In today’s Los Angeles Times, guest contributor Chris Woolston examines the science behind dietary milk recommendations. The U.S. Department of Agriculture advises drinking three glasses per day; a Harvard scientist recommends one or two. And in the moo-juice abstinence corner, Woolston quotes the radicals at People for the Ethical Treatment of Animals (PETA) as the animal rights point of view, but then follows with the Physicians Committee for Responsible Medicine (PCRM) without informing readers that it’s essentially the lab-coated arm of PETA. For these two hand-in-hand animal rights groups, nutritional advice is primarily driven by ideology, not science.
PCRM, you might remember, has a long history of anti-milk crusading, which includes being blasted by the American Medical Association for starting a “milk panic” and having a spokesman wildly claim that milk marketing has “institutional racial bias.” Naturally, Woolston found plenty of hyperbolic quotes from the animal rights activists to season his piece with. But interestingly, PCRM’s scaremongering about the supposed milk-cancer “link” isn’t convincing everybody—including PCRM’s founder, Neal Barnard:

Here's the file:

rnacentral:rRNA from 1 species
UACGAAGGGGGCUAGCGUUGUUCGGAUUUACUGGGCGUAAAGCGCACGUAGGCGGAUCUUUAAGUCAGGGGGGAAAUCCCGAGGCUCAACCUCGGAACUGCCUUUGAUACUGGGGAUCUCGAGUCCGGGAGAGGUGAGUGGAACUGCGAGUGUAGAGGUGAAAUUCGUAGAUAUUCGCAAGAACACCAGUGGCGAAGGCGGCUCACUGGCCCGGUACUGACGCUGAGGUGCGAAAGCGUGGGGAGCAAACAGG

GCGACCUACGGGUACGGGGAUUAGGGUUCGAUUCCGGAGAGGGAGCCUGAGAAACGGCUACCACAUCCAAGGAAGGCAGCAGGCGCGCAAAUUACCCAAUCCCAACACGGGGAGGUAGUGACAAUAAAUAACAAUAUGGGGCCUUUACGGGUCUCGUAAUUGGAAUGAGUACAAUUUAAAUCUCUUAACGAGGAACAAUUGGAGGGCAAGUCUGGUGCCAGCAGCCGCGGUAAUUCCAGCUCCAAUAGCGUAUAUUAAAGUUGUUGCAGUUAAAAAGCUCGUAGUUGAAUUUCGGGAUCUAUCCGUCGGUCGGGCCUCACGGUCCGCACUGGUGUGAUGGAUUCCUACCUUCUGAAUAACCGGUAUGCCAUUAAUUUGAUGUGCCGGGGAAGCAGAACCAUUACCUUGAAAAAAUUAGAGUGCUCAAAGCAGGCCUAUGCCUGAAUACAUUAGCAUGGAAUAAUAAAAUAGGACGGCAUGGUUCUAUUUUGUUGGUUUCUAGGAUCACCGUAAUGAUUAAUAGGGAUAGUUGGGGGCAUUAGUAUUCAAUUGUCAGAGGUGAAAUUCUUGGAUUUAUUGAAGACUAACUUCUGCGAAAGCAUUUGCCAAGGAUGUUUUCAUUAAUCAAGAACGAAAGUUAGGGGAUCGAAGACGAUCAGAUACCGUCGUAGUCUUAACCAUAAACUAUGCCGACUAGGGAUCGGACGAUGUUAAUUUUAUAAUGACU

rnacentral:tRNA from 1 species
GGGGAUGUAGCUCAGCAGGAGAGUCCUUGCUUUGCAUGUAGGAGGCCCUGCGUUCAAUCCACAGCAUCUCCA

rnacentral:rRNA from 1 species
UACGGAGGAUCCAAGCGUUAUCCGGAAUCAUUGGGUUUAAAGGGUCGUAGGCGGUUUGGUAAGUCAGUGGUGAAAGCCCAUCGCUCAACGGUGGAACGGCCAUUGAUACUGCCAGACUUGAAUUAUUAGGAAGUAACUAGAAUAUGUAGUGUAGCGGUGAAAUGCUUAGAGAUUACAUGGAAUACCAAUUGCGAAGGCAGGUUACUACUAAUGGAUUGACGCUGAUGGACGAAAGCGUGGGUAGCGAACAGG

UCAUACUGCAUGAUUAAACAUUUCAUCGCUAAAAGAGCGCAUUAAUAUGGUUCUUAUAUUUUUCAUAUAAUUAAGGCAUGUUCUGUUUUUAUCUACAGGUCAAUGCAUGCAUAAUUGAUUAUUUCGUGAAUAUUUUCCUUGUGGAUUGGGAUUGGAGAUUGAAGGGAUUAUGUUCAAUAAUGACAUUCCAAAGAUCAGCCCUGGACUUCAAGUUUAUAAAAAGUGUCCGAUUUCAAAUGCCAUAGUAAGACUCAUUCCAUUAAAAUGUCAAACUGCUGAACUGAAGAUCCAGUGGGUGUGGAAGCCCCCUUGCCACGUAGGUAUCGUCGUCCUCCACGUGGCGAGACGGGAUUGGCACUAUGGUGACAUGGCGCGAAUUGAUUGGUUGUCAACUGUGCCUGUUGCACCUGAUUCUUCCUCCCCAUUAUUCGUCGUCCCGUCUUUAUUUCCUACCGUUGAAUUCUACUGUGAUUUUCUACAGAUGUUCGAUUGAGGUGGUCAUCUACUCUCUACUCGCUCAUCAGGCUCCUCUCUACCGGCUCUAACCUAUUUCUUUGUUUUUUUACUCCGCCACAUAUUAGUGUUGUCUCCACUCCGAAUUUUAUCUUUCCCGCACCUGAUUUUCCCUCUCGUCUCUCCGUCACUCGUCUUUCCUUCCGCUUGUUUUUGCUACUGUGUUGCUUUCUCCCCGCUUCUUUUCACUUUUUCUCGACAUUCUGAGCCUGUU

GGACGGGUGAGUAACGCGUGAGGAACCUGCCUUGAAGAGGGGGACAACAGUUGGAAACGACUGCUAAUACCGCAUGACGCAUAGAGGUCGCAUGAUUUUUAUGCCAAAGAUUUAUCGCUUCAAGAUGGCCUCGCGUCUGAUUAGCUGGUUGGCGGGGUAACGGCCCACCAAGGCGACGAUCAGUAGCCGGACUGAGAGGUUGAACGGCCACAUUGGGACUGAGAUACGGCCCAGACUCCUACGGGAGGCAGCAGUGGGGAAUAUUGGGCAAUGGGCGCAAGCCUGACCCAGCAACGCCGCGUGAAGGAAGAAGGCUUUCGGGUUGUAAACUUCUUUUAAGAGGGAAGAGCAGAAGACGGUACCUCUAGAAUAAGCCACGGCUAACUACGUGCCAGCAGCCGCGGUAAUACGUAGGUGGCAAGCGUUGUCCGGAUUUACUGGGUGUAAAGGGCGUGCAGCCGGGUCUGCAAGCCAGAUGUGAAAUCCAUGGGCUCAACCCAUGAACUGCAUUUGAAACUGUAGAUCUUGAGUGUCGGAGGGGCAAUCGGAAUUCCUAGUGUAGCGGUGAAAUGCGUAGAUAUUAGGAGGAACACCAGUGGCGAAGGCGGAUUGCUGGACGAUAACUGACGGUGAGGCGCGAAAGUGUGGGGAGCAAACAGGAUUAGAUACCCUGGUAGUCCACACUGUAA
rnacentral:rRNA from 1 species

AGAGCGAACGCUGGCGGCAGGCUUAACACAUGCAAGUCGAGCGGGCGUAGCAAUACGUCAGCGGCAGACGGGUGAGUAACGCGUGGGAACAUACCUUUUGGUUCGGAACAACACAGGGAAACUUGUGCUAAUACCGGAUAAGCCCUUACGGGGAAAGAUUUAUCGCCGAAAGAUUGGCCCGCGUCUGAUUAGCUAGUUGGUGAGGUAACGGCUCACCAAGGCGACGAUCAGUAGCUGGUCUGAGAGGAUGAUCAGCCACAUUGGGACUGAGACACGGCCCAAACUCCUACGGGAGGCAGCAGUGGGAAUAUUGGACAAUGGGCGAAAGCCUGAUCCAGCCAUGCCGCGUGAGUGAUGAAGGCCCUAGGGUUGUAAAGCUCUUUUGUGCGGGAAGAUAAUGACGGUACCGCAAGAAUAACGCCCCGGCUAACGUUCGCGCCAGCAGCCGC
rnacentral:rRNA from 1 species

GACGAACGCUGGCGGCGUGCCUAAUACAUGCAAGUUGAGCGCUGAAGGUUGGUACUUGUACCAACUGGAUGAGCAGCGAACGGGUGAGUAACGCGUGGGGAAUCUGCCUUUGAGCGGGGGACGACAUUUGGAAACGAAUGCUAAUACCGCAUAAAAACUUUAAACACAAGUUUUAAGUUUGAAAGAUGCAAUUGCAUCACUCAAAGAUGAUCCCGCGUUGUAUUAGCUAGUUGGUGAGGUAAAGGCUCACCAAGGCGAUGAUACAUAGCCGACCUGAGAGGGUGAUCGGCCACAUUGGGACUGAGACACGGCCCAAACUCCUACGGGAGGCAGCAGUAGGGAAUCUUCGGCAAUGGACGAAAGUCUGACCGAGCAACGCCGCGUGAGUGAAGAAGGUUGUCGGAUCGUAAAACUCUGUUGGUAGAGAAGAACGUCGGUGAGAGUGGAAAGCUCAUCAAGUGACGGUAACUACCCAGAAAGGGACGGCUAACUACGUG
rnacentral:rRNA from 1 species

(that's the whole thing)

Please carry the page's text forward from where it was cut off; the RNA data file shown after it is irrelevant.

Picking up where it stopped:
The PCRM website says that milk raises the risk of breast cancer, but even Barnard isn't convinced. "Breast cancer is unclear," he says, adding that he doesn't often look at the organization's website.
It would certainly be saying a lot to claim that PCRM’s web content is more scientifically unreliable than Barnard, who has called cheese “dairy crack … the purest form of the [milk] drug.” But that seems to be the case. And if Barnard doesn’t even review his own group’s website from time to time, we have to wonder who does. (If we had to guess, most of PCRM’s web traffic probably comes from the headquarters of PETA and the Humane Society of the United States.)
In the end, Woolston concludes, proper milk recommendations “may be somewhere between two extremes.” Fancy that: moderation. It certainly beats abolition.